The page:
Sure. I mean, so it’s been a journey for us. When we moved our software development expertise into the sports market, the idea was to partner with sports leagues on a long-term basis to allow us to provide valuable services to them in exchange for the rights to collect that live data and that was a business model that we started probably 10 years ago. Now, what that’s allowed us to do is work very closely with sports leagues and federations to provide them with these services. And these services are – there’s a lot of them, we provide services that allow us to on behalf of the sports leagues to collect the live data. We offer things for competition management services, which allow us to help them manage their events. We provide integrity services, which again, helps them manage the integrity of their events, make sure there’s the games are as well-managed as possible.

Now, all of that data that we collect has a lot of uses to the sports leagues. So, we will run websites and the actual sites for the sports leagues in software, the data will power the school board, it’ll power the broadcast feeds. It will power the website. So, we really become an integral part as a partner to the sports leagues that we work with. And again, it means that the relationships we have deep and the software we provide them is something that’s really a core part of how they operate. And it gives us that partnership on a long-term basis and really, that’s sort of exemplified by the length of our contracts, we’re in excess of four years is our average contract length with our sports leagues.

And then on top of that, our churn rate or the number of customers we’ve lost is incredibly low. I mean, in the last three years, we’ve only lost one sports league. And in fact, they returned to us after a briefer parting. So overall, the way that we’ve set this business up gives us that strong position with the sports leagues. It’s a partnership model, which means everyone’s benefiting. We’re giving a fair return to the sports leagues, and we’re giving the sports bet partners that we have and confidence that the data’s correct, that there’s longevity in the data that is not going to be disrupted that it’s a product that they can really rely on that’s live and fast. And that’s really been how the market has evolved in that respect.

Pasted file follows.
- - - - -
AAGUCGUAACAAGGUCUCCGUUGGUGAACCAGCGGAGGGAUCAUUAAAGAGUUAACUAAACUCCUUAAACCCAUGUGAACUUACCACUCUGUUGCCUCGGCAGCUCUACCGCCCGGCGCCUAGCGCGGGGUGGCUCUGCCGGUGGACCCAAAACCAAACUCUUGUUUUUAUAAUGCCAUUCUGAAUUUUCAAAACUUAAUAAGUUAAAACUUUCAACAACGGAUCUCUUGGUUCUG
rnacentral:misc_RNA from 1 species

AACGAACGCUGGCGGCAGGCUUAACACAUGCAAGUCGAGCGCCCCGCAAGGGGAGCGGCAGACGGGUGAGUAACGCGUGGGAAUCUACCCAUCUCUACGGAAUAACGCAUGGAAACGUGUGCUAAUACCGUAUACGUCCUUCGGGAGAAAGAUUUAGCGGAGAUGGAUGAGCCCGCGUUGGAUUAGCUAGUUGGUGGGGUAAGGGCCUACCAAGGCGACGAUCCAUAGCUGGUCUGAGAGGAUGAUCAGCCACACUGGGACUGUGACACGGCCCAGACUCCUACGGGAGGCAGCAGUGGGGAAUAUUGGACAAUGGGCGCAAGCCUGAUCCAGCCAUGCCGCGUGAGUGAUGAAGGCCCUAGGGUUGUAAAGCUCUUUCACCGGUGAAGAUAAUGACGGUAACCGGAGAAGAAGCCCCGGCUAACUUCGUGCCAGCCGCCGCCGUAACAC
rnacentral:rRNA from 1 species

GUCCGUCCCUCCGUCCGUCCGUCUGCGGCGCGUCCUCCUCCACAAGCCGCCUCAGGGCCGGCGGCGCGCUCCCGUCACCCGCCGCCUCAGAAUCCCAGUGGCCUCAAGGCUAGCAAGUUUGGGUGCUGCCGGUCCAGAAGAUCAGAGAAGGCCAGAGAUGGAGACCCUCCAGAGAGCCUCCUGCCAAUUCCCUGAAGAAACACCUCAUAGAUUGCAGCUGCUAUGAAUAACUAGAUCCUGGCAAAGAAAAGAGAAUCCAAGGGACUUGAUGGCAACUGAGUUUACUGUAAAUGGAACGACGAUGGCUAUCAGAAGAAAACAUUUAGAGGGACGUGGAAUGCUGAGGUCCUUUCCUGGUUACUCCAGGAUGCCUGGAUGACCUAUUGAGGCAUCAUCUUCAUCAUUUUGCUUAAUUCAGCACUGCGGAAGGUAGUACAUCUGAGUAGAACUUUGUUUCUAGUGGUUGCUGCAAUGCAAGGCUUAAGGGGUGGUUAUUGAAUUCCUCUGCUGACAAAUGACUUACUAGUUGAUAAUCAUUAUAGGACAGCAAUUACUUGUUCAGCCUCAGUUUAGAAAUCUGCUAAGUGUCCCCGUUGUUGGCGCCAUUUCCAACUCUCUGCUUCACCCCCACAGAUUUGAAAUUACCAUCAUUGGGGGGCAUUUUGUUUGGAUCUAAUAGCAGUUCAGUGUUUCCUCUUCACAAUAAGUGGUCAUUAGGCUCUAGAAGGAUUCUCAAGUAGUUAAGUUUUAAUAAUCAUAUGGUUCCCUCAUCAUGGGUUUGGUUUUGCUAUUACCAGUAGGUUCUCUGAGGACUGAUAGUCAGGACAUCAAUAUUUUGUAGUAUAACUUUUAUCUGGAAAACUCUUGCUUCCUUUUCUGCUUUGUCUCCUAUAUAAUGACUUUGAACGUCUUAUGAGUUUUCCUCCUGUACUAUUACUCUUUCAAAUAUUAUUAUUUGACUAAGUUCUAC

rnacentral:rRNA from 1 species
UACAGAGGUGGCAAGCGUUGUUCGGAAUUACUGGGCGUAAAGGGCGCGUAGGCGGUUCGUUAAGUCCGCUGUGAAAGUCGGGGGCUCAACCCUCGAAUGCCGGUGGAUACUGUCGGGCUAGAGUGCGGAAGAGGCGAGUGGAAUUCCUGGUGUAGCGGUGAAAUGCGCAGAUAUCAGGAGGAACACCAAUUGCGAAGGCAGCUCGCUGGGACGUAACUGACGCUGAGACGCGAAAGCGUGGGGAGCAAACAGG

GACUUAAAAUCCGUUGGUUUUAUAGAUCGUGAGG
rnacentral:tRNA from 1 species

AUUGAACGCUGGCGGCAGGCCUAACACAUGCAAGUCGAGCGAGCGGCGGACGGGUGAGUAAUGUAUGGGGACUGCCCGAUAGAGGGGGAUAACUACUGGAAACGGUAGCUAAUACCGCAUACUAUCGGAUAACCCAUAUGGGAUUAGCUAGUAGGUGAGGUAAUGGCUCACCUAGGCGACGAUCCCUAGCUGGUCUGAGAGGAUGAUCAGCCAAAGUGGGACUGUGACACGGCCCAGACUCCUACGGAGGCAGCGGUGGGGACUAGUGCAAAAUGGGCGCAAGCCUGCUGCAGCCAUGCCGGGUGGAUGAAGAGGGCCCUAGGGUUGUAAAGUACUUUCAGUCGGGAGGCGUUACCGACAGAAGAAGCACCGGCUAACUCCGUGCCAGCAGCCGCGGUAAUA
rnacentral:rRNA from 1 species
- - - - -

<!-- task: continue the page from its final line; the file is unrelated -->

<<David Katz, Analyst, Jefferies Group LLC>>

Are you – are you at all focused on or concerned about other technology-oriented groups, that may look at this and say, gee, big market evolving here that that may have considerable resources. How do you think about that?

<<Mark Locke, Chief Executive Officer and Co-Founder>>

I mean, we always have an eye on the market. We have an eye on competition in the market. But again, we have an incredibly well established position in the market. There’s a lot of knowledge that’s gone into building the software products that we have, there’s a lot of integrations and there’s a lot of dependency on a lot of that product that we’ve got distributed out there. On top of that, to run a lot of the services that we have, you need people. So globally, we have over 7,000 agents that either work for us or work for the sports leagues that we manage on behalf of them. So, we’re effectively managing that large resource as well.